New Zealand’s Defence White Paper: look south
10 Jun 2016|

Image courtesy of Flickr user Yvonne Larsson

Imagine that Australia released a Defence White Paper that refused even in the most veiled terms to discuss China’s destabilising policies in the South China Sea, which didn’t mention Indonesia or Papua New Guinea, and which concluded that ‘Asia has seen some positive security developments in recent years.’

Imagine further that this White Paper offered no substance on equipment acquisition plans, simply pointing to a future statement that may contain details. Imagine a White Paper that says nothing—zero, zip, nada—about Defence spending, not even mentioning the size of the current Defence budget.

Impossible, you cry! No government could get away with that. Allow me to introduce New Zealand’s Defence White Paper 2016, a policy statement that plumbs new depths of vacuity in its desperation to say nothing offensive to outsiders nor to commit Wellington to a precise course of action.

Previous New Zealand defence white papers have had considerably more substance. The document released this week, however, suggests that our Kiwi siblings are going through some kind of existential crisis about the shape, purpose, cost and direction of New Zealand Defence.

The White Paper has some rather confused messages about New Zealand’s strategic outlook to 2040. It claims:

By 2030 Asia is expected to have surpassed North America and Europe combined in terms of global power, a measure defined by gross domestic product, population size, military spending and technological investment.’

But ‘Asia’ isn’t a single actor wielding power. It’s a grouping of many states with conflicting strategic objectives. ‘Power’ isn’t a measure of size but rather a state’s willingness to use it. The White Paper points to the enduring nature of terrorism, resource competition, WMD proliferation and information technology as features shaping New Zealand’s strategic outlook. It’s an odd list, producing policy gems like ‘the adoption of technology has a number of advantages in the military context’, but missing other factors such as the rise of Asian nationalism, climate change and any serious discussion of military technology trends.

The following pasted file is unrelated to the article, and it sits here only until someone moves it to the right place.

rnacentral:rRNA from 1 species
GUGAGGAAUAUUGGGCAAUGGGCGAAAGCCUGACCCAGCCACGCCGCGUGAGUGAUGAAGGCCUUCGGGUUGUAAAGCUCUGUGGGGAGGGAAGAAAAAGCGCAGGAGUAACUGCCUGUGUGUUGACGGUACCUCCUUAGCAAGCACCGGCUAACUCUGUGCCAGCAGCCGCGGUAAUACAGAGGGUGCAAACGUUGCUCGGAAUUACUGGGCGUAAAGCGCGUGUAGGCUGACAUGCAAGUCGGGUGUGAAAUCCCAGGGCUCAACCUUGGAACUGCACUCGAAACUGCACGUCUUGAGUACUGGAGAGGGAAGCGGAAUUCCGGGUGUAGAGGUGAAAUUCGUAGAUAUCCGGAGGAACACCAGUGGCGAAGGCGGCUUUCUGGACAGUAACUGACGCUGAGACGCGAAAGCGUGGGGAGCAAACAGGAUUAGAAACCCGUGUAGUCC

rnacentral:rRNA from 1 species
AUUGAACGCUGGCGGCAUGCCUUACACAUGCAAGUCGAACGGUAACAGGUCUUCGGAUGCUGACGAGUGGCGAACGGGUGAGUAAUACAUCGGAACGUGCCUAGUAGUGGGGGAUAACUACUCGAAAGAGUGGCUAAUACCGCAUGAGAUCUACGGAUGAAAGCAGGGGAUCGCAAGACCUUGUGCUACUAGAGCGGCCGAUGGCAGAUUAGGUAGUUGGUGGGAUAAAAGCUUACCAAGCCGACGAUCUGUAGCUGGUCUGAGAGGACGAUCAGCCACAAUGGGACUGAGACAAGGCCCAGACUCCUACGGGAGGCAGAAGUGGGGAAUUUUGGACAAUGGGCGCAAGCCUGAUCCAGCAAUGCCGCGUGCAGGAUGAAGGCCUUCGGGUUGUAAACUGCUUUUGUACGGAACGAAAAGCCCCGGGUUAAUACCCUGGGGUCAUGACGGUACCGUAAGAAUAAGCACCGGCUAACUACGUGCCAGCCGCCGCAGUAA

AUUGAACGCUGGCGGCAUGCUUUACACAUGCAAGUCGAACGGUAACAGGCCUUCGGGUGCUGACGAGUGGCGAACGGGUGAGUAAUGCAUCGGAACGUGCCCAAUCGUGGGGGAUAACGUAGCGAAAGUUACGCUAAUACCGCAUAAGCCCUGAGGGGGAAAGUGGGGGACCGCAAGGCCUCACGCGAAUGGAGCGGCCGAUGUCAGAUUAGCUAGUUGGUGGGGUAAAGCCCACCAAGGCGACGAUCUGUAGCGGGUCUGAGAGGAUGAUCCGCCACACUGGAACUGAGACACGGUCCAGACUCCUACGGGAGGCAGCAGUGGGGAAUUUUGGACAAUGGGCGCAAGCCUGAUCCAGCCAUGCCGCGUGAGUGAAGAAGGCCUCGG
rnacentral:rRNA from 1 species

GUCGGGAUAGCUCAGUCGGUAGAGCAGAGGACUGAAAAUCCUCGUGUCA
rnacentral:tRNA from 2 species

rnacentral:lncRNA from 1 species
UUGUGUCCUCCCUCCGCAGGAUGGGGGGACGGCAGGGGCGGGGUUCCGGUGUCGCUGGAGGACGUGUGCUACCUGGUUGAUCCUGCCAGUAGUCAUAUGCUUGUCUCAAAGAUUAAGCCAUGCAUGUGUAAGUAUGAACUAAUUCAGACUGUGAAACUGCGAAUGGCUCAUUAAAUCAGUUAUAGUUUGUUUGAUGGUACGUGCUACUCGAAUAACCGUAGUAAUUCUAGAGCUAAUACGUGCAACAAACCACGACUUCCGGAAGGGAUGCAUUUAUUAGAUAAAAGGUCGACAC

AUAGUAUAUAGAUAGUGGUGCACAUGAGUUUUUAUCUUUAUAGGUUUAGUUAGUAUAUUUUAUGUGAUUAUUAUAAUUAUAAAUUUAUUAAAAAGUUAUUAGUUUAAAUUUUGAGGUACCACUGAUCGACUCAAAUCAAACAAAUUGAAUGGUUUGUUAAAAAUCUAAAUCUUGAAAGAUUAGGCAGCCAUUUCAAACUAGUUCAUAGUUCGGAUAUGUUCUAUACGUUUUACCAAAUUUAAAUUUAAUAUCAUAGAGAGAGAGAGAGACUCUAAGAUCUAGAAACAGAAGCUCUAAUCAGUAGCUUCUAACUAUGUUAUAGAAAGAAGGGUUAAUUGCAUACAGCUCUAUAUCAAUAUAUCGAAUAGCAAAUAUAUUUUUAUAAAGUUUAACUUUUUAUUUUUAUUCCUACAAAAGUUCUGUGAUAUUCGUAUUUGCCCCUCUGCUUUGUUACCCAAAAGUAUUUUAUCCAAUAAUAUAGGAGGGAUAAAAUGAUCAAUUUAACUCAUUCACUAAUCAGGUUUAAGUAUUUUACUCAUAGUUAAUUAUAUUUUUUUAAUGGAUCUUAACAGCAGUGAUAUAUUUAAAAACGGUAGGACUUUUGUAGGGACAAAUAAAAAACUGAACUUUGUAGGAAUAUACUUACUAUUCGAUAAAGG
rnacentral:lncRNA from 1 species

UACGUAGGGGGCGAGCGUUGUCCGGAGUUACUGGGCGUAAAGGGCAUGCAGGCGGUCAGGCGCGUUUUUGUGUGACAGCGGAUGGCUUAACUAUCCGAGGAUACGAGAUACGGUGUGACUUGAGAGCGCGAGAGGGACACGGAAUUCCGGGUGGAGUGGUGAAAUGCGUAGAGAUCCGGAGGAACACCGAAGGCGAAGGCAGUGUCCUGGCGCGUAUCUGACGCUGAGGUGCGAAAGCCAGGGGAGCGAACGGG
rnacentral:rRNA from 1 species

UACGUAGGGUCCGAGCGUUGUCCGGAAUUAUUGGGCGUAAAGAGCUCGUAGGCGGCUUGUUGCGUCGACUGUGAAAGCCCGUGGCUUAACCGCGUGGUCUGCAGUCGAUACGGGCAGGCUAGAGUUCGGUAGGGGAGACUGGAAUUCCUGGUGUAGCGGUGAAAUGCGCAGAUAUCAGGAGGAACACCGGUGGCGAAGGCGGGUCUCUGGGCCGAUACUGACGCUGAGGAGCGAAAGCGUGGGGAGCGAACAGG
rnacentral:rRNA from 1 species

The document points to some ‘positive security developments in recent years’ in Asia without saying what those might be, but then says ‘tensions in the region are greater than they were five years ago.’ On the South China Sea the New Zealand statement can’t bring itself to say that Chinese assertiveness is undermining security. Rather we have a comment that Wellington ‘does oppose actions that undermine peace and erode trust.’

New Zealand will address that by increasing international defence cooperation because ‘through continued, meaningful engagement, New Zealand develops familiarity with those with whom its relationships may be less established.’ The documents notes that ‘over half of New Zealand’s maritime trade passes through the South China Sea’ but there is no expression of Wellington’s willingness to exercise freedom of navigation or overflight rights, only the limp observation that such rights have ‘been tested in recent years.’

On Australia, the White Paper solidly says that ‘Australia is New Zealand’s most important bilateral partner. New Zealand has no better friend and no closer ally. … While a direct armed attack on Australia is unlikely in the foreseeable future, should it be subject to such an attack, New Zealand would respond immediately.’ But there’s a distressing lack of detail in how New Zealand might work with Australia. Closer interoperability is only to be pursued ‘where relevant [to] ensure Defence capabilities are complementary and compatible.’ There’s no acknowledgement of the industry synergies that might work both to Australia and New Zealand’s advantage in ship and vehicle building and sustainment.